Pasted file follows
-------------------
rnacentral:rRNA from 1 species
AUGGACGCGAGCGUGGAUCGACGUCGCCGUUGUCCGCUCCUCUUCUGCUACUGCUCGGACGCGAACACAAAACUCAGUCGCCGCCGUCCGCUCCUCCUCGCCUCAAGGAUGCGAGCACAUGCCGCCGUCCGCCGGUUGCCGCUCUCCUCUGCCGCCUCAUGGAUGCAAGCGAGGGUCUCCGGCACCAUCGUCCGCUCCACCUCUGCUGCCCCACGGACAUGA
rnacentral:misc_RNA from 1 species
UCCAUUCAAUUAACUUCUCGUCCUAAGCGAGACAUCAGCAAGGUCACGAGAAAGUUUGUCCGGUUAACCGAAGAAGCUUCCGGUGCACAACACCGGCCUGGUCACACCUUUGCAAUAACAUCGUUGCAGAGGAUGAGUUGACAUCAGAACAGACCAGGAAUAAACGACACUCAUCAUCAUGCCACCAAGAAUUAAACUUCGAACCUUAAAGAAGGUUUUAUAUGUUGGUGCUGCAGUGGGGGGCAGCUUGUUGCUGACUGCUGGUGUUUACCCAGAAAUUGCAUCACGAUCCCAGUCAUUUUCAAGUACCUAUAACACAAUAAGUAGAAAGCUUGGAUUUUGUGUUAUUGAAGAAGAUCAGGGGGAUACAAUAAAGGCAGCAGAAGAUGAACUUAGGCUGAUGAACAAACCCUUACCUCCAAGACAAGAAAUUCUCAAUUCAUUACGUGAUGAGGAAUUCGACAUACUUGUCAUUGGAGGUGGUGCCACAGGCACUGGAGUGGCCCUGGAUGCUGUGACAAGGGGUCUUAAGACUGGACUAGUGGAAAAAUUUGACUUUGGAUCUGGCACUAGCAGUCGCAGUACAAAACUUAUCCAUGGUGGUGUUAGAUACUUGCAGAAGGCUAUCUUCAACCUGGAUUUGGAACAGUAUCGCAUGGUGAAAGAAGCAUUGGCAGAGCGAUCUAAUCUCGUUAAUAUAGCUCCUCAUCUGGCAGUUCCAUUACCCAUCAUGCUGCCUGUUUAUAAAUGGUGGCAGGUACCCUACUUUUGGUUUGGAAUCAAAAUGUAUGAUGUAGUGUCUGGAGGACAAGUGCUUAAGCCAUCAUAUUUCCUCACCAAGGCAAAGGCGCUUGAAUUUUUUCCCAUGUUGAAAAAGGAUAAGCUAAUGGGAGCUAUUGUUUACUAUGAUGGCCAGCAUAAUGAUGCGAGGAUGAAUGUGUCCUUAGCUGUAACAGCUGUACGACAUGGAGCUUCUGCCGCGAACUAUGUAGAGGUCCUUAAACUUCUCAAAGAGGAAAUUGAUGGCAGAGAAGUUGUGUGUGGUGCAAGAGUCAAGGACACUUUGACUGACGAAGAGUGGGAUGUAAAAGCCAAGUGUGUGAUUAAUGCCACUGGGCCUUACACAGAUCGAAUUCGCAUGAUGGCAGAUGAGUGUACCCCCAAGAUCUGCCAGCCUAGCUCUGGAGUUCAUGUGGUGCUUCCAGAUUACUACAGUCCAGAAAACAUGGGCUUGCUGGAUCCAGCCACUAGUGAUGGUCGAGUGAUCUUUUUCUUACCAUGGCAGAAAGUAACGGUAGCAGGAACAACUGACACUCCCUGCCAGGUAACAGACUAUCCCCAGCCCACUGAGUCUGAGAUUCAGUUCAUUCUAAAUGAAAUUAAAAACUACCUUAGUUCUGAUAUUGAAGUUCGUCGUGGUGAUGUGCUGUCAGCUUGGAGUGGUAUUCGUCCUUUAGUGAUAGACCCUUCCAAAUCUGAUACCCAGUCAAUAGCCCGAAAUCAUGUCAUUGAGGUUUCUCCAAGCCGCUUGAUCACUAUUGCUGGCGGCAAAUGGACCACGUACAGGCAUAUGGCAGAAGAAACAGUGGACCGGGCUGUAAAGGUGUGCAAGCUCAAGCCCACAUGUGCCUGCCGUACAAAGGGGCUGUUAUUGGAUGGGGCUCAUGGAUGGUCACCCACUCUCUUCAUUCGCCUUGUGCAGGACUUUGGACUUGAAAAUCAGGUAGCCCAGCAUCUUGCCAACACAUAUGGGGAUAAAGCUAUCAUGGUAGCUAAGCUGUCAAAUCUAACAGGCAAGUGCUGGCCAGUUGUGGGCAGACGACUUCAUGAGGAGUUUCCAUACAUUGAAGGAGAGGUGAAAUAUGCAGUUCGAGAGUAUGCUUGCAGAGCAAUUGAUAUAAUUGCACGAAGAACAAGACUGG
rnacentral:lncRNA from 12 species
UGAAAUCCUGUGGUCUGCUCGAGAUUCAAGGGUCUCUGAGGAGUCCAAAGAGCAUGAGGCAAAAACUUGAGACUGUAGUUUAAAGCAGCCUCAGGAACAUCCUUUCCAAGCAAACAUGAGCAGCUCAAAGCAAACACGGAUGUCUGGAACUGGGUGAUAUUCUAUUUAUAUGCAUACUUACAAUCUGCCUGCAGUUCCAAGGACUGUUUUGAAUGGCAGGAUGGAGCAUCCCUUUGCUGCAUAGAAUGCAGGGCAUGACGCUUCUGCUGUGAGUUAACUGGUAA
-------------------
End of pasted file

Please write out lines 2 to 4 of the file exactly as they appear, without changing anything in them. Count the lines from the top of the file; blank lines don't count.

AUGGACGCGAGCGUGGAUCGACGUCGCCGUUGUCCGCUCCUCUUCUGCUACUGCUCGGACGCGAACACAAAACUCAGUCGCCGCCGUCCGCUCCUCCUCGCCUCAAGGAUGCGAGCACAUGCCGCCGUCCGCCGGUUGCCGCUCUCCUCUGCCGCCUCAUGGAUGCAAGCGAGGGUCUCCGGCACCAUCGUCCGCUCCACCUCUGCUGCCCCACGGACAUGA
rnacentral:misc_RNA from 1 species
UCCAUUCAAUUAACUUCUCGUCCUAAGCGAGACAUCAGCAAGGUCACGAGAAAGUUUGUCCGGUUAACCGAAGAAGCUUCCGGUGCACAACACCGGCCUGGUCACACCUUUGCAAUAACAUCGUUGCAGAGGAUGAGUUGACAUCAGAACAGACCAGGAAUAAACGACACUCAUCAUCAUGCCACCAAGAAUUAAACUUCGAACCUUAAAGAAGGUUUUAUAUGUUGGUGCUGCAGUGGGGGGCAGCUUGUUGCUGACUGCUGGUGUUUACCCAGAAAUUGCAUCACGAUCCCAGUCAUUUUCAAGUACCUAUAACACAAUAAGUAGAAAGCUUGGAUUUUGUGUUAUUGAAGAAGAUCAGGGGGAUACAAUAAAGGCAGCAGAAGAUGAACUUAGGCUGAUGAACAAACCCUUACCUCCAAGACAAGAAAUUCUCAAUUCAUUACGUGAUGAGGAAUUCGACAUACUUGUCAUUGGAGGUGGUGCCACAGGCACUGGAGUGGCCCUGGAUGCUGUGACAAGGGGUCUUAAGACUGGACUAGUGGAAAAAUUUGACUUUGGAUCUGGCACUAGCAGUCGCAGUACAAAACUUAUCCAUGGUGGUGUUAGAUACUUGCAGAAGGCUAUCUUCAACCUGGAUUUGGAACAGUAUCGCAUGGUGAAAGAAGCAUUGGCAGAGCGAUCUAAUCUCGUUAAUAUAGCUCCUCAUCUGGCAGUUCCAUUACCCAUCAUGCUGCCUGUUUAUAAAUGGUGGCAGGUACCCUACUUUUGGUUUGGAAUCAAAAUGUAUGAUGUAGUGUCUGGAGGACAAGUGCUUAAGCCAUCAUAUUUCCUCACCAAGGCAAAGGCGCUUGAAUUUUUUCCCAUGUUGAAAAAGGAUAAGCUAAUGGGAGCUAUUGUUUACUAUGAUGGCCAGCAUAAUGAUGCGAGGAUGAAUGUGUCCUUAGCUGUAACAGCUGUACGACAUGGAGCUUCUGCCGCGAACUAUGUAGAGGUCCUUAAACUUCUCAAAGAGGAAAUUGAUGGCAGAGAAGUUGUGUGUGGUGCAAGAGUCAAGGACACUUUGACUGACGAAGAGUGGGAUGUAAAAGCCAAGUGUGUGAUUAAUGCCACUGGGCCUUACACAGAUCGAAUUCGCAUGAUGGCAGAUGAGUGUACCCCCAAGAUCUGCCAGCCUAGCUCUGGAGUUCAUGUGGUGCUUCCAGAUUACUACAGUCCAGAAAACAUGGGCUUGCUGGAUCCAGCCACUAGUGAUGGUCGAGUGAUCUUUUUCUUACCAUGGCAGAAAGUAACGGUAGCAGGAACAACUGACACUCCCUGCCAGGUAACAGACUAUCCCCAGCCCACUGAGUCUGAGAUUCAGUUCAUUCUAAAUGAAAUUAAAAACUACCUUAGUUCUGAUAUUGAAGUUCGUCGUGGUGAUGUGCUGUCAGCUUGGAGUGGUAUUCGUCCUUUAGUGAUAGACCCUUCCAAAUCUGAUACCCAGUCAAUAGCCCGAAAUCAUGUCAUUGAGGUUUCUCCAAGCCGCUUGAUCACUAUUGCUGGCGGCAAAUGGACCACGUACAGGCAUAUGGCAGAAGAAACAGUGGACCGGGCUGUAAAGGUGUGCAAGCUCAAGCCCACAUGUGCCUGCCGUACAAAGGGGCUGUUAUUGGAUGGGGCUCAUGGAUGGUCACCCACUCUCUUCAUUCGCCUUGUGCAGGACUUUGGACUUGAAAAUCAGGUAGCCCAGCAUCUUGCCAACACAUAUGGGGAUAAAGCUAUCAUGGUAGCUAAGCUGUCAAAUCUAACAGGCAAGUGCUGGCCAGUUGUGGGCAGACGACUUCAUGAGGAGUUUCCAUACAUUGAAGGAGAGGUGAAAUAUGCAGUUCGAGAGUAUGCUUGCAGAGCAAUUGAUAUAAUUGCACGAAGAACAAGACUGG